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Looking Back to 1976-My Mom Marries Eddie Mayo-1945 World Series MVP

A famous athlete becomes my stepfather.

Baseball is in full bloom right now. We’re rooting for the Tigers. Why? Among other reasons, my stepfather, Eddie Mayo also played for them. In fact, he was World Series MVP in 1945. How cool is that?

My mom started seeing Eddie around 1975, after his wife passed away. Eddie had always admired his “Ginny”, largely because he was also her brother-in-law. Yes, you guessed it. Eddie married his wife’s sister. 

Hey, it kept the family intact. If you marry your sister-in-law, you don’t have to explain yourself over and over again. Mom and Eddie had known each other for decades, so it made perfect sense. After the wedding, they spent many years on Pacoima Court, spending summers in Maryland where Eddie had a home, before they finally moved to the desert in 1989.

In watching these riveting baseball games, I wonder what it must have been like for Eddie to be a professional athlete. There’s the discipline, the traveling, the fans, and all the pressures from the crowds.  I’m sure the celebrity status was trying at times, along with the challenges of raising a family and supporting a wife.

Eddie used to say that baseball was the most difficult sport. You had 1/10th of a second to assess the pitch and decide whether to swing or let it go by.  As I watch the pitchers on TV, I wonder about the recipe of a ball before it is thrown. Will it be a fastball, a curve, slider, changeup or something else? Teresa and I used to play softball, and even those slow pitches were sometimes impossible to hit.

Imagine a hardball hurling toward you at 100+ mph, and you can see how difficult it would be for any professional athlete to execute a swing correctly.

 According to the Internet, Edward Joseph Mayo, nicknamed "Hotshot" and "Steady Eddie," was an infielder for nine seasons in Major League Baseball, playing for the New York Giants, Boston Braves, Philadelphia Athletics and Detroit Tigers.

But Eddie’s best years were with the Tigers, where he played second base from 1944 through 1948. In 1945, he helped lead the Tigers to the American League pennant and to victory over the Cubs in the seven-game World Series. That year, the Sporting News crowned him MVP. The gold and diamond ring he wore was like a large satellite on his hand, and a physical tribute to his athletic accomplishments.

After his career in baseball ended, Eddie ran a very successful tile business, and then did very well as a restaurateur.  The competitive spirit was always with him, and after marrying my mom, he even taught my twin sister Teresa and I the fundamentals of golf.  Now that’s the toughest game in my book!

Eddie was married to my mom for about 24 years and deeply devoted to her. After she passed in 2000, he continued with life without her, until he passed away in 2006 in Banning, California. At the time, he was 96, and considered the oldest living former Detroit Tiger, and the eighth oldest living former Major League Baseball player.

Eddie and I had our tough moments at times, especially after my mom died, but for the most part, we got along pretty well. And it’s the good times that I try to remember. Life’s too short to harbor negativity.

So, here’s to you Eddie, wherever you may be. May your Tigers be victorious!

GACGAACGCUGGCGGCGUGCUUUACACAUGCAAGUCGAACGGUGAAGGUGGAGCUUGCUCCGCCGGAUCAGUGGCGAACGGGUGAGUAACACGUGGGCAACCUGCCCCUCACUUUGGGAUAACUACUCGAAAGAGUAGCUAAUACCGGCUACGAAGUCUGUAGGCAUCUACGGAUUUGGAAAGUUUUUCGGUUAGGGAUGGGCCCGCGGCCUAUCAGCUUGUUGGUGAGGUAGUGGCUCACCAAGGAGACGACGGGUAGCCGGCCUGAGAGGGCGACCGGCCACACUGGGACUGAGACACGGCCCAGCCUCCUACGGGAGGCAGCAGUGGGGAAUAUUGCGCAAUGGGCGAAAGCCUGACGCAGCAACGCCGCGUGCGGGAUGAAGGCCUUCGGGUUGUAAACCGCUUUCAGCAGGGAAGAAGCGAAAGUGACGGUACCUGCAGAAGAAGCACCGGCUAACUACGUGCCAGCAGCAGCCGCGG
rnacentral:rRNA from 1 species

Mary McGrath October 24, 2012 at 11:40 AM
I don't recall that scene in the movie, but I do recall the flick. Doubt it was Eddie Mayo though...He would have been too busy playing golf by that time...
Mark Hussey October 25, 2012 at 03:24 PM
Hey DON'T I GET ANY CREDIT FOR MY PREDICTION? I had the "tone" of the game right, I had the winner, and I had the run total of the loser!! All I had wrong was the run total of the winner! Please talk to Mike S, Mary and ask him if I can at least get a sawbuck for providing a very on-target handicapping of the first game of World Series 2012. Any of his wagering Patch readers could have made a bundle by going with my pick. Also, I checked the imdb.com site for casting details of NAKED GUN. Of course this was yet another crazy spoof movie starring Leslie Nielson, that very funny guy--RIP. NO, Eddie Mayo was NOT in this movie at all, sorry to say. Besides I said that a REAL tiger slid into 2nd base in this movie! Not a human pretending to be a tiger, or someone in costume. According to the imdb archives, the tiger's name was Tony.
Mary McGrath October 25, 2012 at 03:28 PM
I think you should open a side business as a psychic Mark. I know you'll make millions! We saw a bit of the game and I assumed the Giants would win as well. Loved Leslie Nielson...those Airplane movies were a riot!
David W. Abbott October 29, 2012 at 06:48 PM
This takes me way back. Last night I was watching the Giants/Tigers game (No. 4) and a bunch of old and faded memories came flooding back (both on the Tigers and Giants side). Then when I googled Eddie Mayo and saw your article it all started to click. Ya see - I grew up in the 1960s in Natick, MA; Eddie, your aunt, and family were our next door neighbors. John and I were the same age, best of buds, and went to the same schools. We were a very close neighborhood living on the shores of Lake Cochituate. Since 1986 I have lived iin Oakland, CA. I remember Eddie as being so good to us kids. Good article - I do remember that Eddie married his sister-in-law. David Abbott
Mary McGrath October 29, 2012 at 11:55 PM
Hi David! Thanks again for sharing your wonderful memories with the Patch readers. Wow, I'd love to hear some personal stories about what it was like growing up next to Eddie Mayo! Do share!

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